Quest Analytics Buys Healthcare Compliance Software Firm BetterDoctor

BetterDoctor, a San Francisco-based startup that has built a national database with information on physicians, dentists, and other practitioners, has been acquired by a Wisconsin software analytics business, the companies said Monday.

Appleton, WI-based Quest Analytics said that following its purchase of BetterDoctor, the combined company will build a “comprehensive platform” to help health plans and other organizations comply with federal and state regulations.

Quest Analytics develops software for health plans and other customers that lets users search for and monitor the healthcare providers with whom they’re affiliated. The company’s digital tools help clients ensure they’re acting in accordance with regulations from bodies like the Centers for Medicare and Medicaid Services—for example, rules requiring a health plan to make particular types of doctors and healthcare services available to its members across the entire geographic area it covers.

The companies did not disclose any financial terms in a press release announcing the deal.

According to the release, increases in insurance premiums and other healthcare costs in the U.S. have led health plans to reduce their numbers of in-network providers—those whose services the plans have in advance agreed to cover, at discounted rates. In response, federal and state insurance regulators have put rules in place around “network adequacy and provider data accuracy,” Quest Analytics said. These regulations are aimed at guaranteeing a health plan’s members have access to physicians and hospitals that provide a broad range of healthcare procedures and services.

“Narrow networks compound the issue of inaccurate provider data and pose substantial challenges to health plan members seeking the right doctor, hospital and care,” Roger Holstein, executive chairman of Quest Analytics, said in the release.

BetterDoctor’s software is likewise designed to help users ensure their provider networks comply with accuracy and adequacy regulations. For example, a 2016 California law requires that health plans review and update their directories of in-network providers every six months. The startup says its digital tools can help several types of organizations with regulatory compliance, including health insurers, provider groups, and networks of hospitals and clinics.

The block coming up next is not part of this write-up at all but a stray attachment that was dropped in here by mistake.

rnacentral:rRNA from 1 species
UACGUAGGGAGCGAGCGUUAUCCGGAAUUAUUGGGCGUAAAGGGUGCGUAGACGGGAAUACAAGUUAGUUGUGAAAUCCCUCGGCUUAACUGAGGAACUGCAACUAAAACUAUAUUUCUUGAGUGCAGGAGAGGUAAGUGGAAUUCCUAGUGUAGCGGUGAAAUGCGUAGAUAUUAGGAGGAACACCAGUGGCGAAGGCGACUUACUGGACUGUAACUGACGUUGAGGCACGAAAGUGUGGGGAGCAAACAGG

BetterDoctor says on its website that the company’s software also helps health plans and other customers prepare for audits, which can lead to fines if violations are found.

Launched in 2011 by two Finnish former Nokia employees, BetterDoctor’s vision early on was to help people find doctors who would accept their insurance plans. The startup later pivoted to a business-to-business model; as of June 2017, it had about 1,000 enterprise customers, including Louisville, KY-based Humana (NYSE: HUM), the San Francisco Business Times reported. BetterDoctor’s provider information reportedly comes from sources such as Yelp (NYSE: YELP), government-managed databases, and doctor quality and malpractice data tracked by the news service ProPublica.

According to BetterDoctor corporate materials, every three months the startup’s software asks the hundreds of thousands of healthcare providers in its database to review their own data to make sure it’s current. If a provider makes an update, BetterDoctor says it shares that information with all of its health plan clients who cover the provider’s services. The startup claims this data-updating process is more efficient than having health plans contact providers individually—one reason being that most providers accept multiple plans.

Following the acquisition, Ari Tulla, co-founder and CEO of BetterDoctor, is now CEO of Quest Analytics, the companies said. John Weis, who co-founded Quest Analytics 2003 and has continued to lead the company in the years since, is now its president. Monday’s press release did not say whether BetterDoctor’s other co-founder, chief technology officer Tapio Tolvanen, will stay on and help lead the combined company.

Quest Analytics and BetterDoctor each had about 50 employees prior to the acquisition, according to Axios.

BetterDoctor raised more than $25 million from investors, according to Crunchbase. That total includes funding rounds of $10 million in 2014 and $11 million a year ago.

Other tech companies that have a vision similar, but not identical, to BetterDoctor’s include Boston-based Kyruus, which uses data analytics to match patients with specialty physicians at local hospitals and clinics, and helps users schedule appointments. New York-based ZocDoc also helps users find doctors and book appointments.

Jeff Buchanan is the editor of Xconomy Seattle. Email: jbuchanan@xconomy.com Follow @_jeffbuchanan

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